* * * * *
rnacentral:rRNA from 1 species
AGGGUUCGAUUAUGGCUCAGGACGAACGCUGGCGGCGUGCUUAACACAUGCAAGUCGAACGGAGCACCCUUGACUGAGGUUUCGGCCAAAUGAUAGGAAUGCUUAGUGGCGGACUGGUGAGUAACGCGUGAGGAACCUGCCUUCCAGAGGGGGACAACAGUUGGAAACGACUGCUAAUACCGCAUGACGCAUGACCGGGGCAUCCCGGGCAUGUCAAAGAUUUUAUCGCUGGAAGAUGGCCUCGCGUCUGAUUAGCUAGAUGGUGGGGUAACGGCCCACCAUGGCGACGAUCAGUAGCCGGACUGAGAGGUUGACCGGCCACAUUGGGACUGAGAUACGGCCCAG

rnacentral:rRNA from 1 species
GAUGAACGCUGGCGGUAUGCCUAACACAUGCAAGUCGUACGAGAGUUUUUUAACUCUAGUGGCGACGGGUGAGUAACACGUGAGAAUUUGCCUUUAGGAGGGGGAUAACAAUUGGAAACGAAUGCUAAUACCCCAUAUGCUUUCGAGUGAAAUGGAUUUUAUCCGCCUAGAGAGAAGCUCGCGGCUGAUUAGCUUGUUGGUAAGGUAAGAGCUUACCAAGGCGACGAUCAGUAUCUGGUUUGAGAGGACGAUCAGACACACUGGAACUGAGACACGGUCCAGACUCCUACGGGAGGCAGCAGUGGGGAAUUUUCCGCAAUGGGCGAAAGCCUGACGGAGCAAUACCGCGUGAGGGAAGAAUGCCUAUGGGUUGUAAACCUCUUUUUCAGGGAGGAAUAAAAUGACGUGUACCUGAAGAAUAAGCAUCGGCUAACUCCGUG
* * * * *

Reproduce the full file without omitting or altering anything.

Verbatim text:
rnacentral:rRNA from 1 species
AGGGUUCGAUUAUGGCUCAGGACGAACGCUGGCGGCGUGCUUAACACAUGCAAGUCGAACGGAGCACCCUUGACUGAGGUUUCGGCCAAAUGAUAGGAAUGCUUAGUGGCGGACUGGUGAGUAACGCGUGAGGAACCUGCCUUCCAGAGGGGGACAACAGUUGGAAACGACUGCUAAUACCGCAUGACGCAUGACCGGGGCAUCCCGGGCAUGUCAAAGAUUUUAUCGCUGGAAGAUGGCCUCGCGUCUGAUUAGCUAGAUGGUGGGGUAACGGCCCACCAUGGCGACGAUCAGUAGCCGGACUGAGAGGUUGACCGGCCACAUUGGGACUGAGAUACGGCCCAG

rnacentral:rRNA from 1 species
GAUGAACGCUGGCGGUAUGCCUAACACAUGCAAGUCGUACGAGAGUUUUUUAACUCUAGUGGCGACGGGUGAGUAACACGUGAGAAUUUGCCUUUAGGAGGGGGAUAACAAUUGGAAACGAAUGCUAAUACCCCAUAUGCUUUCGAGUGAAAUGGAUUUUAUCCGCCUAGAGAGAAGCUCGCGGCUGAUUAGCUUGUUGGUAAGGUAAGAGCUUACCAAGGCGACGAUCAGUAUCUGGUUUGAGAGGACGAUCAGACACACUGGAACUGAGACACGGUCCAGACUCCUACGGGAGGCAGCAGUGGGGAAUUUUCCGCAAUGGGCGAAAGCCUGACGGAGCAAUACCGCGUGAGGGAAGAAUGCCUAUGGGUUGUAAACCUCUUUUUCAGGGAGGAAUAAAAUGACGUGUACCUGAAGAAUAAGCAUCGGCUAACUCCGUG